One common technology used to collect transit / traffic data is video content analytics (VCA), which leverages the video produced by video camera surveillance networks. Although video surveillance data is commonly only thought of as a public safety driver, it can also be harnessed as business intelligence about traffic patterns, and it can display aggregated data that has been collected over time. Powered by Deep Learning and Artificial Intelligence, video content analysis can distinguish objects in video footage, such as cars, trucks, buses, motorcycles, bicycles, women, men, children, and animals. For example, how many vehicles cross a certain intersection or a bridge in a certain span of time? Which intersections are the most dangerous for pedestrians? Video analysis helps urban planners identify traffic hotspots and optimize traffic flows, and data visualization is a key part of delivering that business intelligence.

5 Forms of Data Visualization for Comparative Traffic Analysis

There are five common forms of data visualization that can be used for analyzing and comparing traffic over time, as explained below.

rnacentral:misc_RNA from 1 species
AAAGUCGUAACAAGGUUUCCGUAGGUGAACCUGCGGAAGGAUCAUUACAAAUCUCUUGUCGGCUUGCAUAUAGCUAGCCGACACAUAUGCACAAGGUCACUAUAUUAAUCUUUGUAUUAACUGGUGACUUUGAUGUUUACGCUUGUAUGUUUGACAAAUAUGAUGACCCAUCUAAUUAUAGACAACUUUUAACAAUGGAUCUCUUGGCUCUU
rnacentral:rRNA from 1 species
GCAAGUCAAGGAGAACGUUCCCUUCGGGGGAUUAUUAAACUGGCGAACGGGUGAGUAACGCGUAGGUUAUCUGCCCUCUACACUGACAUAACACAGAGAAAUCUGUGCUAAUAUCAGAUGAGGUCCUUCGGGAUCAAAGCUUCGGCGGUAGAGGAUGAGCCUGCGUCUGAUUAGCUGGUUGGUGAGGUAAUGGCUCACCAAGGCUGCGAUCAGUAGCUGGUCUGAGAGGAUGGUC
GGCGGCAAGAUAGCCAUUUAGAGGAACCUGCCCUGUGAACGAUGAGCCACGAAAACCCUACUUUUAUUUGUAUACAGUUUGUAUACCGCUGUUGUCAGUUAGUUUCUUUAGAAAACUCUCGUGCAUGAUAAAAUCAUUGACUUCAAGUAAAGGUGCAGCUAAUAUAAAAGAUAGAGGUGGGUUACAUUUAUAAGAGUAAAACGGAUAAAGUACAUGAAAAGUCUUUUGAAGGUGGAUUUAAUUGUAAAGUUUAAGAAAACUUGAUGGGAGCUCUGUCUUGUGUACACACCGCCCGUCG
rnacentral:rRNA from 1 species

1. Heat Maps heat maps are useful for evaluating traffic peaks across multiple cameras / intersections. For example, operators of video content analytics software can track traffic density in various areas, according to area and time. This can help urban planners detect intersections that are prone to congestion and/or collisions and take steps to mitigate / prevent future congestion or collisions. Heat maps typically use a variety of colors, rather than grayscale, to differentiate data groupings.
  1. Trend Graphs are useful ways to visualize long-term traffic trend analysis. Planners can see what patterns emerge, and which patterns tend to repeat. This allows them to discover anomalous behaviors, such as unexpected traffic peaks or atypical congestion.
  1. Tree maps are good for displaying hierarchical data; i.e., they can indicate which type of vehicle is most popular at a specific intersection, and what demographic of people visit a particular area. This data can also be displayed and easily consumed in a pie chart.